Kendal Food Festival: Foodie Paradise

Last weekend I had the ultimate foodie experience at Kendal Food Festival.

Not only did I eat/purchase some of the most incredible food, I was also educated in the importance of local, artisan produce. My food snobbery levels have increased somewhat dramatically, as I realised when I found myself tutting at the sourdough in Sainsbury’s, which I just know was NOT properly prepared with a good flour and a proper sourdough starter.

Ok, so it may be somewhat unrealistic for a poor graduate such as myself to ONLY eat artisan bread, locally and responsibly reared wild boar and unpasteurised farmhouse cheeses, but I am definitely going to make more of an effort to think about where my food comes from and how it’s produced.

In the spirit of foodie camaraderie, I am going to share a few of the important lessons I learnt at the festival.

  1. A sourdough is only as good as its starter – and they are surprisingly easy to make. An enlightening talk and tasting by Aidan Monks from Lovingly Artisan also taught me the importance of good flour (hint: it is very important).
  1. A proper, artisan sourdough is suitable for those poor gluten intolerant folks among us (I really do pity you). I wish I had taken notes, but as far as I remember the way the bread is made, developed and fermented results in the gluten elements which people react to breaking down. It’s obviously a lot more complex than this and there are many more benefits – I would urge you to pop in to Lovingly Artisan at Oxenholme Station for a chat with Aidan, and I think they run workshops/courses as well if you want to get involved http://www.lovinglyartisan.com/.
  1. Wild Boar sausages are good. This, coming from a former vegetarian, may surprise some of my friends and family. Peter Gott spoke about the importance of producing and eating local, artisan food, in relation to his years of experience farming pigs and wild boar. He also introduced us to the Slow Food movement – definitely worth reading about. https://www.sillfield.co.uk/slow-food/
  1. You can make a living from being really dedicated to cheese. This was a big one; I left dreaming of my new career as a cheesemonger.
  1. People who sell cheese are called cheesemongers. Who knew?
  1. A proper farmhouse cheese will taste different one day to the next – no two (proper) cheeses are exactly the same.
  1. Mrs Kirkham’s Lancashire is the only unpasteurised Lancashire cheese (read: the only worthwhile Lancashire cheese).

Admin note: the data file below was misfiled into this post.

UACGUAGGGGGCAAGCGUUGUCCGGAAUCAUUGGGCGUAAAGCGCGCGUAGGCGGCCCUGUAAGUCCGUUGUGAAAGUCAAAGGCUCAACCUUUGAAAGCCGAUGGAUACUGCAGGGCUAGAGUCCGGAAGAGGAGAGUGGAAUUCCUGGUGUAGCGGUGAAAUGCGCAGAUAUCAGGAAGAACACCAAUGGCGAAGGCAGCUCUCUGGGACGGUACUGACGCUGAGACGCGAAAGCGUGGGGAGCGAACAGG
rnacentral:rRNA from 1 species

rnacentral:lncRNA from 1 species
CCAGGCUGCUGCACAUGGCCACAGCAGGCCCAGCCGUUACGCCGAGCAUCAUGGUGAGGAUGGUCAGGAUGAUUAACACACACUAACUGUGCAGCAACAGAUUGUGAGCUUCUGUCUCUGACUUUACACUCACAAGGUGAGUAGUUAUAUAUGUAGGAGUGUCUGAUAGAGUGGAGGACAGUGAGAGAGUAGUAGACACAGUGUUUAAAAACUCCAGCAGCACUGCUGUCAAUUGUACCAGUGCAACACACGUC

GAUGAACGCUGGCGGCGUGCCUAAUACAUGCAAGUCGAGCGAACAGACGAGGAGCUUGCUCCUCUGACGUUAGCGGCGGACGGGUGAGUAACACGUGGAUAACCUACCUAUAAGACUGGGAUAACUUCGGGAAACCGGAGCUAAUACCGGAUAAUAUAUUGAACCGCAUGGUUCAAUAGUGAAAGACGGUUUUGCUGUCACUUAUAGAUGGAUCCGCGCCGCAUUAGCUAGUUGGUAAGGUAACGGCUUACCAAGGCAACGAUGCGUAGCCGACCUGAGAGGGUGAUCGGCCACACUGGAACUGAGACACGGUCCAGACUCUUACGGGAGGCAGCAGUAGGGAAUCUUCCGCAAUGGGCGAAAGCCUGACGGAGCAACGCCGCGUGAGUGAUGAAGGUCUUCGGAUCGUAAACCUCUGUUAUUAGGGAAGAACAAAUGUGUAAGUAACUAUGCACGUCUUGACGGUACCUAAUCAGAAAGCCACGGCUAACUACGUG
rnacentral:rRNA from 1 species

If you hadn’t picked it up already, the highlight of my day was undoubtedly the cheese talk (and this is a big statement – I had a VERY good day). Andy Swinscoe, aka the king of cheese, runs an incredible cheese shop in Yorkshire, where they sell a selection of the very best cheeses. And if anyone is qualified to make that call, it’s Mr Swinscoe. His life has been a journey all over the country (and the world) building up a knowledge of cheese. I urge you to go to the Courtyard Dairy if you can, or order a cheese selection online at http://www.thecourtyarddairy.co.uk. Graham Kirkham spoke with him about Mrs Kirkham’s Lancashire cheese, which I already know and love. Every time I go back to Watford to visit my family I am instructed not to bother turning up unless I have some of the famous cheese from Lancaster Market.

If, like me, you are a cheese fanatic, then you will understand the excitement of discovering an incredible new cheese. I am a big fan of blue cheese of every variety, from gorgonzola to stilton – as a child in the playground I would pity my friends and their jam sandwiches as I tucked into my stilton on homemade bread (much to their horror – ‘but it’s mouldy!’). So when Andy brought out some Cote Hill Blue, my eyes lit up… and I was not disappointed. What’s more, as you can order it online, every birthday present for the next year is sorted. You are all very welcome, friends and relatives.

As well as the enlightening talks (except the meringue one – I was hoping for more than ‘mix egg whites with sugar, then cook at a low temperature) the streets of Kendal were lined with stalls selling everything from chutney to brownies. I enjoyed a delicious steak burger and a little pork pie – my vegetarian days are well and truly behind me. We also popped in to the 1657 Chocolate House. Anywhere where the entire first page of the menu is just different types of hot chocolate gets my vote. I opted for ginger and it was deliciously warming, and the atmosphere in the little wooden-beam-filled uneven-floored higgledy-piggledy building was lovely.

So, as you may be able to tell, I would definitely recommend the Kendal Food Festival to anyone. There were family events going on too with plenty for the kids, so make sure you don’t miss it next year.

http://www.kendalfestivaloffood.co.uk

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